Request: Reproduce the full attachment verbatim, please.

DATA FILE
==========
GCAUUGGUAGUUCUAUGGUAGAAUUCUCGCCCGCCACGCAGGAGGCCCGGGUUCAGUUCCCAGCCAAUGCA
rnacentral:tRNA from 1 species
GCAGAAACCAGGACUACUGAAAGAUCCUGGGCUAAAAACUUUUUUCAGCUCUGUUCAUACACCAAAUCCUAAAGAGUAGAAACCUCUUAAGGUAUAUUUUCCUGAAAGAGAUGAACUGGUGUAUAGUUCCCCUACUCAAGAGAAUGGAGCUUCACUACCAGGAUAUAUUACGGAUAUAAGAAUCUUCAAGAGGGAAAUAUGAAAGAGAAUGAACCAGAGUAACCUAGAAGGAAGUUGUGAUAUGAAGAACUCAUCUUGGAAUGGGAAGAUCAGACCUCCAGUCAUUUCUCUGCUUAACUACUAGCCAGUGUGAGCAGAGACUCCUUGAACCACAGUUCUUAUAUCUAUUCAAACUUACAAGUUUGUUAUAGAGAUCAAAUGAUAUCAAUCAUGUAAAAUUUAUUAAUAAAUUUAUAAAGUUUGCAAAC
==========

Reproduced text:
GCAUUGGUAGUUCUAUGGUAGAAUUCUCGCCCGCCACGCAGGAGGCCCGGGUUCAGUUCCCAGCCAAUGCA
rnacentral:tRNA from 1 species
GCAGAAACCAGGACUACUGAAAGAUCCUGGGCUAAAAACUUUUUUCAGCUCUGUUCAUACACCAAAUCCUAAAGAGUAGAAACCUCUUAAGGUAUAUUUUCCUGAAAGAGAUGAACUGGUGUAUAGUUCCCCUACUCAAGAGAAUGGAGCUUCACUACCAGGAUAUAUUACGGAUAUAAGAAUCUUCAAGAGGGAAAUAUGAAAGAGAAUGAACCAGAGUAACCUAGAAGGAAGUUGUGAUAUGAAGAACUCAUCUUGGAAUGGGAAGAUCAGACCUCCAGUCAUUUCUCUGCUUAACUACUAGCCAGUGUGAGCAGAGACUCCUUGAACCACAGUUCUUAUAUCUAUUCAAACUUACAAGUUUGUUAUAGAGAUCAAAUGAUAUCAAUCAUGUAAAAUUUAUUAAUAAAUUUAUAAAGUUUGCAAAC